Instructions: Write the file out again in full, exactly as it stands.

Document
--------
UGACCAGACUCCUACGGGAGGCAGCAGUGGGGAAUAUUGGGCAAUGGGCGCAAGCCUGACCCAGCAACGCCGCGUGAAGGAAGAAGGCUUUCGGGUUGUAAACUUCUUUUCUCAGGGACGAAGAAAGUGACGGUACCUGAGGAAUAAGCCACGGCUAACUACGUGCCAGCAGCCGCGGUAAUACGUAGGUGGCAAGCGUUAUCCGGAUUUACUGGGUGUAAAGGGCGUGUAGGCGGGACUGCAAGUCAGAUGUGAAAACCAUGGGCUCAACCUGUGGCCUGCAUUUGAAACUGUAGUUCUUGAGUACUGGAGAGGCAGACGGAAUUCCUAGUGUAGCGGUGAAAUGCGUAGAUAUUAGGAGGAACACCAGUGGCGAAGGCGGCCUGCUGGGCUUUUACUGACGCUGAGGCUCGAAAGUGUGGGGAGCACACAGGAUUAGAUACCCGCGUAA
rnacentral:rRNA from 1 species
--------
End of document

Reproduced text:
UGACCAGACUCCUACGGGAGGCAGCAGUGGGGAAUAUUGGGCAAUGGGCGCAAGCCUGACCCAGCAACGCCGCGUGAAGGAAGAAGGCUUUCGGGUUGUAAACUUCUUUUCUCAGGGACGAAGAAAGUGACGGUACCUGAGGAAUAAGCCACGGCUAACUACGUGCCAGCAGCCGCGGUAAUACGUAGGUGGCAAGCGUUAUCCGGAUUUACUGGGUGUAAAGGGCGUGUAGGCGGGACUGCAAGUCAGAUGUGAAAACCAUGGGCUCAACCUGUGGCCUGCAUUUGAAACUGUAGUUCUUGAGUACUGGAGAGGCAGACGGAAUUCCUAGUGUAGCGGUGAAAUGCGUAGAUAUUAGGAGGAACACCAGUGGCGAAGGCGGCCUGCUGGGCUUUUACUGACGCUGAGGCUCGAAAGUGUGGGGAGCACACAGGAUUAGAUACCCGCGUAA
rnacentral:rRNA from 1 species